Hi, we’re Vicky & Thomas. We are currently suffering from wanderlust so much so that we are looking to quit the 9 – 5 and fulfil our dreams of travelling full time.  Originally from Cumbria we love the outdoors and exploring, we have recently started our travelling blog The Wander of Two where we will document our adventures. You can follow our journey as we travel and find out what we have been getting up to and what mishaps we have encountered along the way as we are sure there will be a few.

What do you enjoy most about travelling?

We love exploring new places, discovering beautiful sights and experiencing different cultures. Every place we visit has something magical about it and we love finding out what that is. Travelling gives you the feeling of being free, it allows you to meet other like-minded people and build friendships that will last you a lifetime.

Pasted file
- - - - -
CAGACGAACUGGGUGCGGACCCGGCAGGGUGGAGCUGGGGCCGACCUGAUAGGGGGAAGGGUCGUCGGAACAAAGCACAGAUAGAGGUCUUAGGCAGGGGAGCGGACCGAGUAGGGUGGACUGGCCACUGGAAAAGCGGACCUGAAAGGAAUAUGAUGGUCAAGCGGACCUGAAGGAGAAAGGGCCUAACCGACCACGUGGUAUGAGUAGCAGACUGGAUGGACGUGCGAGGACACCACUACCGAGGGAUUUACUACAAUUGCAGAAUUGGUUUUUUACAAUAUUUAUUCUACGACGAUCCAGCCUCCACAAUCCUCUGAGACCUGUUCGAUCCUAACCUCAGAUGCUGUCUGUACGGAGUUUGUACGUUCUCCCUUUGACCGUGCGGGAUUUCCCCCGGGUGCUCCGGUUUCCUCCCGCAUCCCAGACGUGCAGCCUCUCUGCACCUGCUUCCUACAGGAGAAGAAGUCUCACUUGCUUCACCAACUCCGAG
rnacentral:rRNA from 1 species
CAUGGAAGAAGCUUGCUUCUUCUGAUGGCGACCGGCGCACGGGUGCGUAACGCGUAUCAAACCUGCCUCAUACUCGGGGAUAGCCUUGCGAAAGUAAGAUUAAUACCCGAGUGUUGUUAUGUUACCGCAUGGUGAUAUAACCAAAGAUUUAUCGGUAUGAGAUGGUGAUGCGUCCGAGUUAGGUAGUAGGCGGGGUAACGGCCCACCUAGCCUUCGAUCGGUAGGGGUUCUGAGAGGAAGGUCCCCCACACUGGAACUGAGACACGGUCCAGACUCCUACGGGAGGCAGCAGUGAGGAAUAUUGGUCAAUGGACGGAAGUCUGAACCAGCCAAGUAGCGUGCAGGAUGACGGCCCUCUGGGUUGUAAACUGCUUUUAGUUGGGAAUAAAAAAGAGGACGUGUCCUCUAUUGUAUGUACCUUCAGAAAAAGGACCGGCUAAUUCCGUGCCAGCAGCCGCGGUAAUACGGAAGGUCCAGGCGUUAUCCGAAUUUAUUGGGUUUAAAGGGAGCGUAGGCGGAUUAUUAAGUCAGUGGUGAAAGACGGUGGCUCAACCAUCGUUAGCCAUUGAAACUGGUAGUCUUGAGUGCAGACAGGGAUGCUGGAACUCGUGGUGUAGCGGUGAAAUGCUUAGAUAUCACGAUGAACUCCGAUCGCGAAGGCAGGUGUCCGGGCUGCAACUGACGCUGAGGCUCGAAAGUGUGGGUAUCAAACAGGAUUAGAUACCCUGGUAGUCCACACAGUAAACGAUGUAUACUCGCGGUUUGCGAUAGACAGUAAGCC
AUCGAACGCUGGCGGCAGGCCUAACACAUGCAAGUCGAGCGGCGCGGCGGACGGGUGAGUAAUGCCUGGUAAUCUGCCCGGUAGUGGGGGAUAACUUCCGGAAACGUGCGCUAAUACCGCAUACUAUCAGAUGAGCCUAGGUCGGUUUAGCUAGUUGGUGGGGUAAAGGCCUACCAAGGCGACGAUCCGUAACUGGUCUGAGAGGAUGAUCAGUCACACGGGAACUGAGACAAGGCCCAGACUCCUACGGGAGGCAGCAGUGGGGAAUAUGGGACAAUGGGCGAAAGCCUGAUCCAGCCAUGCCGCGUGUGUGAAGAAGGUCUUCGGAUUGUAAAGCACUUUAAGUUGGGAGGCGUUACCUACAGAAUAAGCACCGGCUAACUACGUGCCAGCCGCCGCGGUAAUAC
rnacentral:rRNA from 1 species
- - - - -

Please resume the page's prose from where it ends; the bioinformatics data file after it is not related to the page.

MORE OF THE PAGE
Why do you think travelling is important?

Travelling captures your soul, it opens your eyes and heart to new possibilities. We would rather see something once ourselves than hear about it a thousand times over. Travelling allows you to see the world from a new perspective and fill your life with experiences.

What is your favourite photograph from your travels?

Which is your favourite type of travel/holiday- sun, snow, sea, city, mountains, country?

Every one of the above. It depends on what we want at the time, sometimes we love to just chill on a beach, with the sand between our toes. Other times we enjoy trekking through the rainforests and being at one with nature. If we are really looking for adventure though we might decide to go skiing over the winter season.

Who do you usually travel with?